The IEA-ETS Research Institute (IERI) is a collaborative effort between the Research & Development Division at ETS and the IEA that will focus on improving the science of large-scale assessments. IERI will undertake activities around three broad areas of work that include research studies related to the development and implementation of large-scale assessments (research area); professional development and training (training area); and dissemination of research findings and information gathered through large-scale assessments (dissemination area).
Goals of the Research Area
The different research projects in this area collaborate by information technology as well as by face to face meetings, so that the area may be labeled a ‘virtual’ research center. Since the research projects will be hosted in the funding institutions, the exchange of ideas and findings will be facilitated by web-based collaboration as well as by the shared joint expertise of researchers involved in work on educational large scale assessments.
We expect that this virtual research area will contribute to the science of large-scale assessments so that the best available information is provided to policy makers and researchers from around the world.
The research area will focus on providing evidence in support of current statistical and psychometric methodologies, as well as developing new and improved methods. In addition, the research area will also focus on developing and validating constructs that could be used to predict and understand achievement results for policy relevant groups. More generally, the research activities will focus on providing research results that address issues that will help facilitate innovation and incremental improvement of large-scale assessment programs over time.
The research results from this area are expected to serve as the basis for operational innovations in future assessment cycles. Among other resources, the IEA and ETS will contribute the outcomes of their current research projects that are related to large-scale assessment. Results from the research activity are aimed at broadening the scope of topics and the base of researchers working on improving the methodologies involved in large-scale assessments in future assessment cycles.
Research on Statistical Methodology
The IEA and ETS recognize that the statistical methods used in large scale educational surveys are an area of continuing importance. The statistical methods applied to report results within a country as well as cross-country comparisons have to be well grounded in statistical theory. At the same time, they need to be applicable and operationally feasible with relatively large and complex datasets. Policy makers and national coordinators have to be well informed about the statistical methods applied and need to have access to documentation and tools for replicating results. The statistical methods applied in large-scale assessments are under increased scrutiny from experts all over the world and there is increased need to ensure that the best possible solutions given the existing constraints of the assessment cycle are chosen.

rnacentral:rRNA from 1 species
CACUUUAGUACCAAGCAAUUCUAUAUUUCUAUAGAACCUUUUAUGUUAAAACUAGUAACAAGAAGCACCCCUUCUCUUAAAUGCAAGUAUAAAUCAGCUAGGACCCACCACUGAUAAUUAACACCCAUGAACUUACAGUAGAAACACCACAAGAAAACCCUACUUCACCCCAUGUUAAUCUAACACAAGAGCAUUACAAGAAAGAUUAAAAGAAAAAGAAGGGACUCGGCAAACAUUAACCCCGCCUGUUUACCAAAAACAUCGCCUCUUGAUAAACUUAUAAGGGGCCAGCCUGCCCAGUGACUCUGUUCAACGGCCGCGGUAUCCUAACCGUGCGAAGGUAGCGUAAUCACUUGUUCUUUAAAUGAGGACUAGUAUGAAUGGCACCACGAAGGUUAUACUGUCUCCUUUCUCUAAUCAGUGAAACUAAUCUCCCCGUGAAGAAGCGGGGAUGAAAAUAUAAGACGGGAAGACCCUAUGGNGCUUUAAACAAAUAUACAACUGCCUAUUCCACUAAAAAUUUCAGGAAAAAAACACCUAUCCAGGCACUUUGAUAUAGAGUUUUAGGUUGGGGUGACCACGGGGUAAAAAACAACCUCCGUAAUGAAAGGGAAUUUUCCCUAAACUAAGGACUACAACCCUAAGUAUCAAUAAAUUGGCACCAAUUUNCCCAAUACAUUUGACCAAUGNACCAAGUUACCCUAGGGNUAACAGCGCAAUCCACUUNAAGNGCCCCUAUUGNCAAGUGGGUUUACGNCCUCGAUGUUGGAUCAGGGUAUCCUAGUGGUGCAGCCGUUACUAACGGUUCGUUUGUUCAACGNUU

In order to ensure ongoing research on the statistical methodologies used in large-scale assessments, researchers affiliated with IEA and ETS will contribute a portion of their research time to further the development of statistical methods used in this international assessment.
The initial activities of the virtual research area will be concerned with projects that are related to the hosting institutions’ own projects. National and international research funding agencies and foundations will be considered as funding sources for the research activities.
In addition to ongoing operational research on questions of immediate relevance for current assessment programs, longer term improvements to analysis tools and methodologies are of great importance to keep the assessment programs on the cutting edge of developments in psychometrics, sampling, and statistical analysis.
Areas Covered by Research Activities
Projects undertaken by the virtual research area will tend to focus on one or more of the following 5 research priorities:
- develop a more scientific approach to the development, use and interpretability of background questionnaires;
- develop new constructs that extend the policy issues that might be addressed by these assessments;
- improve the measurement of cognitive domains;
- investigate effects of increased emphasis on the role of technology;
- identify thematic issues to guide secondary analyses of existing data.
These 5 areas were selected given that most of the analysis can be carried out with existing data, the findings will inform future developments and provide direction to upcoming assessments, and the research will contribute to enhancing the quality and interpretability of the data. We hope that coordinating what is known and learned about large-scale assessments will ultimately enhance the visibility and utility of these assessments for policy makers.